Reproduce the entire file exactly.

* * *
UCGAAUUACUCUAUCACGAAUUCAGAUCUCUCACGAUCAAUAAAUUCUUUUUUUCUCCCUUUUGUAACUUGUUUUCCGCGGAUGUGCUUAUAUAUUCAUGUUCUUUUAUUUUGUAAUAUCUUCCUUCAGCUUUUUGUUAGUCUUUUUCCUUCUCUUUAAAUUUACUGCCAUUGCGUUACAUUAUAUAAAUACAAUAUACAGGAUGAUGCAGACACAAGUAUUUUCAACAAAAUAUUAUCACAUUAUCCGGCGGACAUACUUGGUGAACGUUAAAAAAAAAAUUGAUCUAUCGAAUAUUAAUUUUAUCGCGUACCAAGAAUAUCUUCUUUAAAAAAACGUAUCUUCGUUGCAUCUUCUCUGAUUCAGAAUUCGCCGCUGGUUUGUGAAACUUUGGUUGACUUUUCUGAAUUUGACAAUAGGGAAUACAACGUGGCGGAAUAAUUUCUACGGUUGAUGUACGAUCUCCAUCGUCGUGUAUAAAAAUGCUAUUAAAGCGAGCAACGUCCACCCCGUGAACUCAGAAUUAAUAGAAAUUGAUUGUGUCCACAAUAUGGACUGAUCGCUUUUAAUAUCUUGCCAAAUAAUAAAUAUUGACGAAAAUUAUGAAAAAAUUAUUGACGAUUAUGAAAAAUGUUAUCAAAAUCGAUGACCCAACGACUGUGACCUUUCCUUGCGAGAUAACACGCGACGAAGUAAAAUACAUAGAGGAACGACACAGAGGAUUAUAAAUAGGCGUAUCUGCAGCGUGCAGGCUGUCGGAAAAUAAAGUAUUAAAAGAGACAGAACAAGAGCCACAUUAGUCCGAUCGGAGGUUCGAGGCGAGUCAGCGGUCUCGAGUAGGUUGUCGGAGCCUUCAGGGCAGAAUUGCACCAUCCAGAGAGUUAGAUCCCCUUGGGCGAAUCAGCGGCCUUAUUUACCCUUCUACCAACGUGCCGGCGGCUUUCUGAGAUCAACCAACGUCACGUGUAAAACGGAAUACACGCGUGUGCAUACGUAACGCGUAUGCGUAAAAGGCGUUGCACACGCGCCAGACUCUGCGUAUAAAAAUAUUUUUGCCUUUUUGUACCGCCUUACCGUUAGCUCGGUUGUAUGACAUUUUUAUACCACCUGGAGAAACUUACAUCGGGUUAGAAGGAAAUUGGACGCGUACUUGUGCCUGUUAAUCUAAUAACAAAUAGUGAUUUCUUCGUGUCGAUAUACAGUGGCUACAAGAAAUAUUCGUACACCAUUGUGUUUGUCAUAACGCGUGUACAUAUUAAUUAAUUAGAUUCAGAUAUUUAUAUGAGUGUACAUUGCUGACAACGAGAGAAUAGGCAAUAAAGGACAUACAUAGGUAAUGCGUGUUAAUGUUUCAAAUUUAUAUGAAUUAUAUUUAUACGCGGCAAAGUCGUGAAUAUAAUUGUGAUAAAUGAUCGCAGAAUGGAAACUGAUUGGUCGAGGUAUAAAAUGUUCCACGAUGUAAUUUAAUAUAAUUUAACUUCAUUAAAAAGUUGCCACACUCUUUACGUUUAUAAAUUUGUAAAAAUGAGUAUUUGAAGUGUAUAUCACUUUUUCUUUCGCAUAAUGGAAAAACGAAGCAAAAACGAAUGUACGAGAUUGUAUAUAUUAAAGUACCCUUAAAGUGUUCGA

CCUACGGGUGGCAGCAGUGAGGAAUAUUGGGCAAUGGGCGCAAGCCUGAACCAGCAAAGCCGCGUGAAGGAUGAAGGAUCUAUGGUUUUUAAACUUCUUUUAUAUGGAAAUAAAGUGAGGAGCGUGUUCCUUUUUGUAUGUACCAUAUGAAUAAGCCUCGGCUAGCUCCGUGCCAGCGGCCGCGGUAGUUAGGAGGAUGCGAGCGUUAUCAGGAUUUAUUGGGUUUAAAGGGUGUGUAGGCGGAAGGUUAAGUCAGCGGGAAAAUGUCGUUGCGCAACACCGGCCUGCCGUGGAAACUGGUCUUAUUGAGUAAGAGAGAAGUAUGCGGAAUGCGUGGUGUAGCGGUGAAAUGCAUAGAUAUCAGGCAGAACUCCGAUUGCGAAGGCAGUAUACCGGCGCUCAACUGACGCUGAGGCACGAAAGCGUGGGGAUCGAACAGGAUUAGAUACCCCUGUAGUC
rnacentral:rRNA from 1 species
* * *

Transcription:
UCGAAUUACUCUAUCACGAAUUCAGAUCUCUCACGAUCAAUAAAUUCUUUUUUUCUCCCUUUUGUAACUUGUUUUCCGCGGAUGUGCUUAUAUAUUCAUGUUCUUUUAUUUUGUAAUAUCUUCCUUCAGCUUUUUGUUAGUCUUUUUCCUUCUCUUUAAAUUUACUGCCAUUGCGUUACAUUAUAUAAAUACAAUAUACAGGAUGAUGCAGACACAAGUAUUUUCAACAAAAUAUUAUCACAUUAUCCGGCGGACAUACUUGGUGAACGUUAAAAAAAAAAUUGAUCUAUCGAAUAUUAAUUUUAUCGCGUACCAAGAAUAUCUUCUUUAAAAAAACGUAUCUUCGUUGCAUCUUCUCUGAUUCAGAAUUCGCCGCUGGUUUGUGAAACUUUGGUUGACUUUUCUGAAUUUGACAAUAGGGAAUACAACGUGGCGGAAUAAUUUCUACGGUUGAUGUACGAUCUCCAUCGUCGUGUAUAAAAAUGCUAUUAAAGCGAGCAACGUCCACCCCGUGAACUCAGAAUUAAUAGAAAUUGAUUGUGUCCACAAUAUGGACUGAUCGCUUUUAAUAUCUUGCCAAAUAAUAAAUAUUGACGAAAAUUAUGAAAAAAUUAUUGACGAUUAUGAAAAAUGUUAUCAAAAUCGAUGACCCAACGACUGUGACCUUUCCUUGCGAGAUAACACGCGACGAAGUAAAAUACAUAGAGGAACGACACAGAGGAUUAUAAAUAGGCGUAUCUGCAGCGUGCAGGCUGUCGGAAAAUAAAGUAUUAAAAGAGACAGAACAAGAGCCACAUUAGUCCGAUCGGAGGUUCGAGGCGAGUCAGCGGUCUCGAGUAGGUUGUCGGAGCCUUCAGGGCAGAAUUGCACCAUCCAGAGAGUUAGAUCCCCUUGGGCGAAUCAGCGGCCUUAUUUACCCUUCUACCAACGUGCCGGCGGCUUUCUGAGAUCAACCAACGUCACGUGUAAAACGGAAUACACGCGUGUGCAUACGUAACGCGUAUGCGUAAAAGGCGUUGCACACGCGCCAGACUCUGCGUAUAAAAAUAUUUUUGCCUUUUUGUACCGCCUUACCGUUAGCUCGGUUGUAUGACAUUUUUAUACCACCUGGAGAAACUUACAUCGGGUUAGAAGGAAAUUGGACGCGUACUUGUGCCUGUUAAUCUAAUAACAAAUAGUGAUUUCUUCGUGUCGAUAUACAGUGGCUACAAGAAAUAUUCGUACACCAUUGUGUUUGUCAUAACGCGUGUACAUAUUAAUUAAUUAGAUUCAGAUAUUUAUAUGAGUGUACAUUGCUGACAACGAGAGAAUAGGCAAUAAAGGACAUACAUAGGUAAUGCGUGUUAAUGUUUCAAAUUUAUAUGAAUUAUAUUUAUACGCGGCAAAGUCGUGAAUAUAAUUGUGAUAAAUGAUCGCAGAAUGGAAACUGAUUGGUCGAGGUAUAAAAUGUUCCACGAUGUAAUUUAAUAUAAUUUAACUUCAUUAAAAAGUUGCCACACUCUUUACGUUUAUAAAUUUGUAAAAAUGAGUAUUUGAAGUGUAUAUCACUUUUUCUUUCGCAUAAUGGAAAAACGAAGCAAAAACGAAUGUACGAGAUUGUAUAUAUUAAAGUACCCUUAAAGUGUUCGA

CCUACGGGUGGCAGCAGUGAGGAAUAUUGGGCAAUGGGCGCAAGCCUGAACCAGCAAAGCCGCGUGAAGGAUGAAGGAUCUAUGGUUUUUAAACUUCUUUUAUAUGGAAAUAAAGUGAGGAGCGUGUUCCUUUUUGUAUGUACCAUAUGAAUAAGCCUCGGCUAGCUCCGUGCCAGCGGCCGCGGUAGUUAGGAGGAUGCGAGCGUUAUCAGGAUUUAUUGGGUUUAAAGGGUGUGUAGGCGGAAGGUUAAGUCAGCGGGAAAAUGUCGUUGCGCAACACCGGCCUGCCGUGGAAACUGGUCUUAUUGAGUAAGAGAGAAGUAUGCGGAAUGCGUGGUGUAGCGGUGAAAUGCAUAGAUAUCAGGCAGAACUCCGAUUGCGAAGGCAGUAUACCGGCGCUCAACUGACGCUGAGGCACGAAAGCGUGGGGAUCGAACAGGAUUAGAUACCCCUGUAGUC
rnacentral:rRNA from 1 species